“We lost a game we should have won,” Winter said. “You can’t give up three offensive rebounds in that situation.”

The veteran coach reserved the brunt of his criticism for Lakers 24-year-old center Kwame Brown.

“Brown, he’s not a competitor,” Winter said, pointing out that Brown played with bursts of energy mixed with strange bouts of apathy. “He just doesn’t know how to compete.”

Asked if he thought Brown could improve in the intangibles, Winter said, “I don’t know. You can’t change spots on a leopard. I don’t know how interested he is in playing.”

Sexual assault allegations against Brown may have played a part in his loss of focus for stretches at the series’ biggest moments, but Winter said the center seemed to lack enthusiasm in getting the ball.

“Kwame missed four or five easy shots early in Game 7,” Winter said. “He didn’t even try sometimes to go after key rebounds that we needed.”

Winter also leveled criticism at another key figure, another one of his favorite players.

Odom, he wasn’t a whole lot better,” Winter said. “He’s a great talent, but I’m not sure how comfortable he is in a system. He’s more of an instinctive player.”

Having developed and pioneered the triangle offense, Winter is a proponent of system basketball.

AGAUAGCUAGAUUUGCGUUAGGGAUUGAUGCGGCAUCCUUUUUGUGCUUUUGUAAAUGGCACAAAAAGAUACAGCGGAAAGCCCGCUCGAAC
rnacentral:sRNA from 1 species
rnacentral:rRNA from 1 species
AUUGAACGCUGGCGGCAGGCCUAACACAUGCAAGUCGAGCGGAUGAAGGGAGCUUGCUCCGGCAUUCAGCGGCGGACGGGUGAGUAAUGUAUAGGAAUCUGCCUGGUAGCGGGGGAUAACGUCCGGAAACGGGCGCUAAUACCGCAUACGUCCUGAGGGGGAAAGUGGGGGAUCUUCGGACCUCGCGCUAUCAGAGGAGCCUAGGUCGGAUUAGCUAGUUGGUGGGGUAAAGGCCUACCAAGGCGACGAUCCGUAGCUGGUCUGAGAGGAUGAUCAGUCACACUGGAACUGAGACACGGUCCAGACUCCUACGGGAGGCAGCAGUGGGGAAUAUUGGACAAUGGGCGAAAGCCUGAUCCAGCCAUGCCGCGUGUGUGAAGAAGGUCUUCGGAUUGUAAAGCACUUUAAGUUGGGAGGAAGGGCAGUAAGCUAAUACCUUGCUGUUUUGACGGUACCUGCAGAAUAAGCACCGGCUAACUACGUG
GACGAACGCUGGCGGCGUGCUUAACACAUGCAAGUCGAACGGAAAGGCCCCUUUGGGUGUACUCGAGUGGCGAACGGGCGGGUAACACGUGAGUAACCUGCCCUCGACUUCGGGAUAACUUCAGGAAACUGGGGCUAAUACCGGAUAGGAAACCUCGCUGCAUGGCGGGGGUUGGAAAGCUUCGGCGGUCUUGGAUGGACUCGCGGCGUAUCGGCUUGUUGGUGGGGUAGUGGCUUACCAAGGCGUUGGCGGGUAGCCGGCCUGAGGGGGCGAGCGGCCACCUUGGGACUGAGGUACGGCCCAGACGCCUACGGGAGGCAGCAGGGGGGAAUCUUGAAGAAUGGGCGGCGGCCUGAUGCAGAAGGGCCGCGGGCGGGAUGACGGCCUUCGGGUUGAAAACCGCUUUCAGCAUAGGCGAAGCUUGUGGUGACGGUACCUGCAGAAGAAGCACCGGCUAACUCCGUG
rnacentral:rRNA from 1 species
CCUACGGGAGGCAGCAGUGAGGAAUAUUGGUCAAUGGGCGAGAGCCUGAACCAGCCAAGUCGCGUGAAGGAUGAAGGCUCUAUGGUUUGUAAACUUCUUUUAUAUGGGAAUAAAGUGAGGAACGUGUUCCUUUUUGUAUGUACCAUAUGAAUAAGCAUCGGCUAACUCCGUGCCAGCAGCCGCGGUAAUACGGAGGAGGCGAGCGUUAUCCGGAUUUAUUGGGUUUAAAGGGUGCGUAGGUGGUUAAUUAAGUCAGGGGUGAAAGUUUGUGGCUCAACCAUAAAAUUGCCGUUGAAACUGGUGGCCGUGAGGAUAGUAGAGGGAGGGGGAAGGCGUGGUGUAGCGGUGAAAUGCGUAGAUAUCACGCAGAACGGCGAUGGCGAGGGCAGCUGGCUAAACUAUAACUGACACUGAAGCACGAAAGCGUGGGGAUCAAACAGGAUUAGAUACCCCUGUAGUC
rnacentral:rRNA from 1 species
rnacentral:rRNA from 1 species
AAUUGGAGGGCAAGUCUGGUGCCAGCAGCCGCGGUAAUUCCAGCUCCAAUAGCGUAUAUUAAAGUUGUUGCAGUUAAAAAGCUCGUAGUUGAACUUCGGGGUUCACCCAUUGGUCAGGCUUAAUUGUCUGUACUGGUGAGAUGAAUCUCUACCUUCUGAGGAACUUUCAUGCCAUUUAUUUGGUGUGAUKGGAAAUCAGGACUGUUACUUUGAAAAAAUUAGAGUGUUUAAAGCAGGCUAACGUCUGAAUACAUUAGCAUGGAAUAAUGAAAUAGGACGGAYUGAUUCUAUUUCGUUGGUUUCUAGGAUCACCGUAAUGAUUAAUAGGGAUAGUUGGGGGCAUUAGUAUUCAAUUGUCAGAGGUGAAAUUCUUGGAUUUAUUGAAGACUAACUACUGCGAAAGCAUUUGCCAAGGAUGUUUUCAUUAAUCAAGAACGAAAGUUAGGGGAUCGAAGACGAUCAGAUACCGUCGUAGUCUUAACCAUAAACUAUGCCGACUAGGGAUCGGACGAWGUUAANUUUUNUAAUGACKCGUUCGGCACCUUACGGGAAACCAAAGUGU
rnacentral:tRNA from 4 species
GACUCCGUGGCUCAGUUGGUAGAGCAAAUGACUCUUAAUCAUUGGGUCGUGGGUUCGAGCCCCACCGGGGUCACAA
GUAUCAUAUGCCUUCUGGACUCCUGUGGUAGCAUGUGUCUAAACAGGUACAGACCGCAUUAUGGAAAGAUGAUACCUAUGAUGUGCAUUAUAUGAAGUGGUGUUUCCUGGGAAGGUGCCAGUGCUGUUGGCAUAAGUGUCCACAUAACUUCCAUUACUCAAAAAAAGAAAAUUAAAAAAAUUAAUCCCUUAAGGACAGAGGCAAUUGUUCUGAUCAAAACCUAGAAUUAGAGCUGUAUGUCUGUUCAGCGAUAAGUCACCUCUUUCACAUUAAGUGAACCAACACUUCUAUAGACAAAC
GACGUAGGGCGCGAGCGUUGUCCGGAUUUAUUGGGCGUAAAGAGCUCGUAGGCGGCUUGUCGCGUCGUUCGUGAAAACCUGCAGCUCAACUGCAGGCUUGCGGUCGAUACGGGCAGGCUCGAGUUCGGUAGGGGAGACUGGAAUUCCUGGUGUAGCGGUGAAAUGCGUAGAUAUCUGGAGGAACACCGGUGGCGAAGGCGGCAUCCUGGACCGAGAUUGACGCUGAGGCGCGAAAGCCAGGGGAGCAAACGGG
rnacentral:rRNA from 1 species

Odom, a big man with ballhandling gifts, has been more comfortable playing for coaches who allow him to be guided by his substantial instincts. Odom has struggled with the triangle, then seemed to get a stronger sense of the offense at the end of the season.

“When it comes time to run our offense and make the right kind of cuts, he just doesn’t do them,” Winter complained.

The veteran coach had worked often with Odom this season, trying to get him to vary his cuts, but was frustrated with the results.

“When Odom makes a basket cut, he makes it the same way every time, which makes it easy for the defender,” Winter said. “I tried and tried, but I just couldn’t get him to change directions, or to change the pace, with his cuts. I tried to get him to set his man up, so that he could get deeper into the post to set up. But he used the same cut all the time, which meant that he would end up setting up in a mid-post. That made it easier to defend him. I never could get him to change it.”

Despite his complaints, Winter called Odom a “marvelous talent” and said he hoped the Lakers kept him, because another season in the triangle would bring much development.

As for the international man of mystery, Winter said he will talk to Bryant and find out what was going on in that last half of the season’s final game.

It was curious, he said, but Bryant’s conservatism with the Lakers’ offense wasn’t the reason the team lost.

Roland Lazenby is the author of The Show: The Inside Story Of The Spectacular Los Angeles Lakers In The Words Of Those Who Lived It, recently released by McGraw-Hill